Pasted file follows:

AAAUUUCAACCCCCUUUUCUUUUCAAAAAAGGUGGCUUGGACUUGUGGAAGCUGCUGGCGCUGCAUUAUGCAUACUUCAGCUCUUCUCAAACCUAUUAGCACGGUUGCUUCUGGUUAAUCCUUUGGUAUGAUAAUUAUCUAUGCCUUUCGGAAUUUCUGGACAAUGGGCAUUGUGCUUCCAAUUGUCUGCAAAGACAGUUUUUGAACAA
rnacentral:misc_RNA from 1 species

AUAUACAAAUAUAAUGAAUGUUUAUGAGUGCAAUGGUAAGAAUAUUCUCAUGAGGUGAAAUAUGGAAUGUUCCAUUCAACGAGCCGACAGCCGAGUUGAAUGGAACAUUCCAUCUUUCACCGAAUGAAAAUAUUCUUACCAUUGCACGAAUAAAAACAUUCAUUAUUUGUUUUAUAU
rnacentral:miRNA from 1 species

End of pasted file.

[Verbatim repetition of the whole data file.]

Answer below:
AAAUUUCAACCCCCUUUUCUUUUCAAAAAAGGUGGCUUGGACUUGUGGAAGCUGCUGGCGCUGCAUUAUGCAUACUUCAGCUCUUCUCAAACCUAUUAGCACGGUUGCUUCUGGUUAAUCCUUUGGUAUGAUAAUUAUCUAUGCCUUUCGGAAUUUCUGGACAAUGGGCAUUGUGCUUCCAAUUGUCUGCAAAGACAGUUUUUGAACAA
rnacentral:misc_RNA from 1 species

AUAUACAAAUAUAAUGAAUGUUUAUGAGUGCAAUGGUAAGAAUAUUCUCAUGAGGUGAAAUAUGGAAUGUUCCAUUCAACGAGCCGACAGCCGAGUUGAAUGGAACAUUCCAUCUUUCACCGAAUGAAAAUAUUCUUACCAUUGCACGAAUAAAAACAUUCAUUAUUUGUUUUAUAU
rnacentral:miRNA from 1 species